Effects of DNA methylation on DNA-binding proteins and gene expression

Curr Opin Genet Dev. 1993 Apr;3(2):226-31. doi: 10.1016/0959-437x(93)90027-m.


DNA methyltransferase is needed for normal development, perhaps because DNA methylation plays a part in the control of gene activity. It is clear that the methylation of promoters often leads to repression of transcription. Studies of the mechanism suggest that repression may either result from the direct effects of methylation on transcription factors, or may be indirectly caused by repressor proteins that bind to methylated DNA. Current evidence suggests that both mechanisms can be involved.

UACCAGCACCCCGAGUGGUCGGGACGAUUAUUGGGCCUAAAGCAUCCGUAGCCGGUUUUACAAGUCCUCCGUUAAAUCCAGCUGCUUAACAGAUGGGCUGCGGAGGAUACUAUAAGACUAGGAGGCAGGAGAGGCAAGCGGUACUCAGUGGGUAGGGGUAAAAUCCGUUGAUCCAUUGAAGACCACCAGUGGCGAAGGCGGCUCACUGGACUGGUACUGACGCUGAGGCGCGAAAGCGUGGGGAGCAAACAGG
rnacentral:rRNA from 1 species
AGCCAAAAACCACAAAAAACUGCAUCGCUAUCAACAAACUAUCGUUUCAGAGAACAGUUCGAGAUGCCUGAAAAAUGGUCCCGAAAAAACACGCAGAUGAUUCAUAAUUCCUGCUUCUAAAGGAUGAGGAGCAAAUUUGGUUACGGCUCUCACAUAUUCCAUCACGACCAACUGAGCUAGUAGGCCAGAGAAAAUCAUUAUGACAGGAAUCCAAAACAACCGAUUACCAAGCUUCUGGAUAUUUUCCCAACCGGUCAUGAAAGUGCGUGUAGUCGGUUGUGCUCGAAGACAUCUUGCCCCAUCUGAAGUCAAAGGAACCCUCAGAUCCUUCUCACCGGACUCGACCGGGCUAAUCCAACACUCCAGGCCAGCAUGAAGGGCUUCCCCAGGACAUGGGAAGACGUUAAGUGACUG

Publication types

  • Research Support, Non-U.S. Gov't
  • Review

MeSH terms

  • 5-Methylcytosine
  • Amino Acid Sequence
  • Animals
  • Base Sequence
  • Consensus Sequence
  • Cytosine / analogs & derivatives
  • Cytosine / physiology
  • DNA (Cytosine-5-)-Methyltransferases / metabolism
  • DNA / genetics
  • DNA / metabolism
  • DNA-Binding Proteins / metabolism*
  • Gene Expression Regulation*
  • Humans
  • Methylation*
  • Models, Genetic
  • Molecular Sequence Data
  • Promoter Regions, Genetic*
  • Protein Binding
  • Repressor Proteins / metabolism
  • Transcription Factors / metabolism
  • Transcription, Genetic*


  • DNA-Binding Proteins
  • Repressor Proteins
  • Transcription Factors
  • 5-Methylcytosine
  • Cytosine
  • DNA
  • DNA (Cytosine-5-)-Methyltransferases